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Brutality against young people in the criminal injustice system

It’s taken five years and a determined struggle by parents and children’s rights campaigners to get the misnamed Ministry of Justice to release a secret manual used by the prison service to control young people.

This is despite the recommendation of a parliamentary joint committee on breaches of human rights affecting children held in custody as far back as 2008 that it should be made publicly available.

Under the heading of Physical Control in Care (PCC), guidance for staff at Secure Training Centres (STC), the manual details shocking ways of inflicting pain. Staff are allowed to:

Facing a wall of resistance, the parents of two boys who died in custody after being held down by staff in centres in Warwickshire and Durham have had to wait since 2004 for the truth to come out. The Ministry of Justice only backed down last week after threatening to go to a tribunal to prevent disclosure. This was despite a Court of Appeal finding that painful “nose distraction” techniques were widely used in one centre and possibly others.

The PCC methods detailed were intended for use on children as young as 12 years old and up to 17 years of age in the privately-run “training” centres. The parliamentary committee was shocked by headings in the manual that even its members were not allowed to read in full at that time.

They reported:

We were alarmed by the headings of some of the redacted sections, namely 'hair grab', 'strangle against the wall', 'strangle on the ground', 'kicks standing' and 'kicks on the floor'. It was not possible to ascertain the content of these sections.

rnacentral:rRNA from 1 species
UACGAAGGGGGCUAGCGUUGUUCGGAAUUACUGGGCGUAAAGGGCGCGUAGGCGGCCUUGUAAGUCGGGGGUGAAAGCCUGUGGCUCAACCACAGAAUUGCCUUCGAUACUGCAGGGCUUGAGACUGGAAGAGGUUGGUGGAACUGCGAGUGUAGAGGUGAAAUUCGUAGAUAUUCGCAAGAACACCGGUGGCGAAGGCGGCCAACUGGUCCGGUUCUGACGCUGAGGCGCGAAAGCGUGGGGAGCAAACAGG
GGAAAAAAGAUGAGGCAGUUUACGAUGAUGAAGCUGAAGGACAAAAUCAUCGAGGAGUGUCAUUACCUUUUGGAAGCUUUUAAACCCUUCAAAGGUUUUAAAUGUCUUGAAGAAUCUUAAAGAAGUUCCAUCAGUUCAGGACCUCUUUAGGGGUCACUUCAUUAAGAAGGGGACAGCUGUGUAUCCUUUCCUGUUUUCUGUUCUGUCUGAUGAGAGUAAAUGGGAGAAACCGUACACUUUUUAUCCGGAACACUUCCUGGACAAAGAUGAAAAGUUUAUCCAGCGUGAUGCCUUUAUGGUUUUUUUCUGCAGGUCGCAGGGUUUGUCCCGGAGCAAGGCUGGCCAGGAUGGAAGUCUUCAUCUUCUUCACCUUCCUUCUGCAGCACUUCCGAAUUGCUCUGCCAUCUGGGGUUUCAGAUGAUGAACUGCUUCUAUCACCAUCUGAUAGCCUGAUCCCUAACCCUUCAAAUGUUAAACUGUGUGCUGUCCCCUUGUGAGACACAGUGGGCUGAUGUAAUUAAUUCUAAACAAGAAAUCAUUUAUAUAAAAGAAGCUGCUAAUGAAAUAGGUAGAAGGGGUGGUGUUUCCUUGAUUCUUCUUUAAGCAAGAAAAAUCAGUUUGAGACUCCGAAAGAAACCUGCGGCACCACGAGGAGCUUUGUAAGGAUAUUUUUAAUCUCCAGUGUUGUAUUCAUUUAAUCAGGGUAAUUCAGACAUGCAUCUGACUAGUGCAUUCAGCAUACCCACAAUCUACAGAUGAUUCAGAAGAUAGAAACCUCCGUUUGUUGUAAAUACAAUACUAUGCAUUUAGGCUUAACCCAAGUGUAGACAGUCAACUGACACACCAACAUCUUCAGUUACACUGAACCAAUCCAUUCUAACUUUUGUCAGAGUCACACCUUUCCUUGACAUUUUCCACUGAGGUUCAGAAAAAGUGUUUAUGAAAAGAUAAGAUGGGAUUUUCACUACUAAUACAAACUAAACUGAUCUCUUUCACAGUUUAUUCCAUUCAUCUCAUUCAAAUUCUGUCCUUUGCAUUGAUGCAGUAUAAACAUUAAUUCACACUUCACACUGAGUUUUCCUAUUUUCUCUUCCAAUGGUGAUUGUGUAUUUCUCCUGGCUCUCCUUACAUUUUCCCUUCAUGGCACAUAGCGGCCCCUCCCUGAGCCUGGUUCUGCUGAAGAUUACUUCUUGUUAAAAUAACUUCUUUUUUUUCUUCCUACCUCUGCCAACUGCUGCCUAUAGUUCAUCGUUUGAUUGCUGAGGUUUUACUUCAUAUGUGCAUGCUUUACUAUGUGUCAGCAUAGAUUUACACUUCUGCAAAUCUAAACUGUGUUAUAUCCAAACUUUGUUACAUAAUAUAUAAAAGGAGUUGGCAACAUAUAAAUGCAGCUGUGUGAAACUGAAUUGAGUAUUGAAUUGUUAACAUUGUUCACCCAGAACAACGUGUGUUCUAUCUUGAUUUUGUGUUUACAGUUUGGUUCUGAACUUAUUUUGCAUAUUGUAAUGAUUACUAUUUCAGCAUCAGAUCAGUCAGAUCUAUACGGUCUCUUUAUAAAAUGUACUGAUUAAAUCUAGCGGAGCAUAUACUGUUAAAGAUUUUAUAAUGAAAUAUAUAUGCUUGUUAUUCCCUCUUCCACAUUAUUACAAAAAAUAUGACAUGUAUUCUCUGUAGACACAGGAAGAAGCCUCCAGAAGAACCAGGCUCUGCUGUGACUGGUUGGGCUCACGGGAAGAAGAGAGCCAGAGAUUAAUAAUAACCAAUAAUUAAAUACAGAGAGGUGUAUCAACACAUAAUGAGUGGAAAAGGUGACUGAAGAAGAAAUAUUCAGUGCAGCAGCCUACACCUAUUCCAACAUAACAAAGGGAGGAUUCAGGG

The committee found that the “degree of physical restraint” of children in detention centres contravened the UN Convention. But the more details that leaked out, the more the officials running the Youth Justice Board sought ways of withholding them from the public.

In addition, the National Society for the Prevention of Cruelty to Children and the Children’s Rights Alliance for England warned about a potential conflict of interest between the private companies managing the STCs “given that the private firms managing STCs must meet targets for children's participation in education in order to secure financial rewards”. Interviews with children during the inquiry found that restraint was being used to ensure children attended education sessions.

It costs £167,750 per year to incarcerate a child in a STC – more than a place at Eton. Around £415 million is spent on the whole “secure estate” for children each year. We can only guess how much of this amount goes to companies like Rebound, who have contracts to run STCs.

The cruel methods used against children are part of a punitive culture which accelerated under New Labour, under whom the under-age prison population soared. The Prison Reform Trust reported in 2008 that up to 94,000 children entered the youth justice system in England and Wales for the first time.

The number of children in prison more than doubled in a decade and Britain locks up far more children at a far younger age than any other country in Western Europe.

A mountain of evidence exists which shows that the punitive approach to young people and crime, despite the vast sums devoted to it, has utterly failed. This latest evidence of brutality against young people should be a powerful impetus to pursuing a strategy of restructuring the state and its oppressive system of criminal injustice.

Corinna Lotz
A World to Win secretary
19 July 2010

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